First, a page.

3. Use Graphic Organizers

I created different graphic organizers for students to use in exploring their word. Students use dictionaries, thesauruses, and other resources to learn definitions, synonyms, and antonyms of their word and complete the graphic organizer. Word exploration takes at least 1-2 writing workshop periods. We love to use wordhippo to help us in our research, but thesauruses are also necessary.


This snowman creative writing project is a great way to let your upper elementary students have some fun before or after the holiday break. You can use it in December during the week before Christmas vacation, or use it to dive back into learning in January. Either way your 3rd, 4th, 5th, 6th, and 7th grade students are going to have a strong focus on reading, writing, vocabulary, and character traits. It's a great, individualized project that you can differentiate to meet ALL students needs!

4. Start Writing!

As students finish up their word research, they move into their actual snowman creative writing project. They use a "character questionnaire" to explore their character to deepen their understanding of the trait,  and to brainstorm and plan their stories. As students plan their stories, I am sure to check their ideas and talk to them about whether or not their character's actions represent the character trait they are supposed to.

Sometimes students incorporate character change into their story--for example, a jubilant snowman could be cantankerous or grumpy at the beginning of the story, but along the way, he found the holiday spirit and became the most jubilant snowman in all the land. :)

Some of your writing lessons could even aim for teaching students to create character change in their stories and this would allow them to utilize their synonyms and antonyms more easily. A simple "beginning, middle, and end" graphic organizer is perfect for having students describe the character at the beginning, think about events that could happen to cause the character to change, then describe the character at the end.

This snowman creative writing project is a great way to let your upper elementary students have some fun before or after the holiday break. You can use it in December during the week before Christmas vacation, or use it to dive back into learning in January. Either way your 3rd, 4th, 5th, 6th, and 7th grade students are going to have a strong focus on reading, writing, vocabulary, and character traits. It's a great, individualized project that you can differentiate to meet ALL students needs!

5. Draft & Publish

Next, students draft and publish their story. They also sketch out and plan what their character looks like by drawing him/her on a sheet of paper. I give students a sheet of facial expressions to help guide their artwork.

6. Decorate!!!

THIS IS WHERE YOU GO ALL OUT! YOU PARTY ANIMAL ;) The next step is snowman decoration day! I gather tons of craft items that students can use to decorate a 3D snowman (using paper plates, Styrofoam balls, tea lights, marshmallows and pretzels, or any other snazzy idea you can find on pinterest). I invite a few parents to come help us. If you do not want to make 3D snowmen, students can simply complete their snowman character on the snowman design template.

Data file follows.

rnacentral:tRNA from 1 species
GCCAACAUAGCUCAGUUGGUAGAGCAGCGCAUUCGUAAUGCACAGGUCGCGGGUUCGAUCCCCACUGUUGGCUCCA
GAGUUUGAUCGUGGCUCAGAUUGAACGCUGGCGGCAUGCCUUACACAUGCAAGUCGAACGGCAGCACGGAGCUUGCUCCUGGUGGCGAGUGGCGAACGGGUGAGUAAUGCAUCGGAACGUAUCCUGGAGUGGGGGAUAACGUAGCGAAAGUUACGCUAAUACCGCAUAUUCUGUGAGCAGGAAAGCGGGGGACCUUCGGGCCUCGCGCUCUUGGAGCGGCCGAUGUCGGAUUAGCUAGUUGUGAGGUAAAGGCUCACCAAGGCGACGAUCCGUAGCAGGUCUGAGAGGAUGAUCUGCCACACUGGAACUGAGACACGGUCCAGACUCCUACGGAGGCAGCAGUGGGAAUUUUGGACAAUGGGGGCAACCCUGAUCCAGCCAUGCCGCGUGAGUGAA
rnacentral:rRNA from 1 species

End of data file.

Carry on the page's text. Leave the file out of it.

This snowman creative writing project is a great way to let your upper elementary students have some fun before or after the holiday break. You can use it in December during the week before Christmas vacation, or use it to dive back into learning in January. Either way your 3rd, 4th, 5th, 6th, and 7th grade students are going to have a strong focus on reading, writing, vocabulary, and character traits. It's a great, individualized project that you can differentiate to meet ALL students needs!

7. Celebrate!

And the very last step is to CELEBRATE! To prepare for the celebration, you can have students' snowman designs and stories set up around the classroom. Readers move from story to story leaving “Snowman Shout Outs” (aka positive feedback) for the writer. My students love to celebrate this way AND the room is always quiet with everyone reading happily.

This snowman creative writing project is a great way to let your upper elementary students have some fun before or after the holiday break. You can use it in December during the week before Christmas vacation, or use it to dive back into learning in January. Either way your 3rd, 4th, 5th, 6th, and 7th grade students are going to have a strong focus on reading, writing, vocabulary, and character traits. It's a great, individualized project that you can differentiate to meet ALL students needs!This writing celebration is PERFECT for the last day you have before winter break. I mean, what could be better than your students rotating the room, reading one another's stories in near silence, and checking out each other's art work? Not to mention, having students write compliments to each writer on a sticky note is pretty heartwarming as students express kind words to one another.

Take the Learning Deeper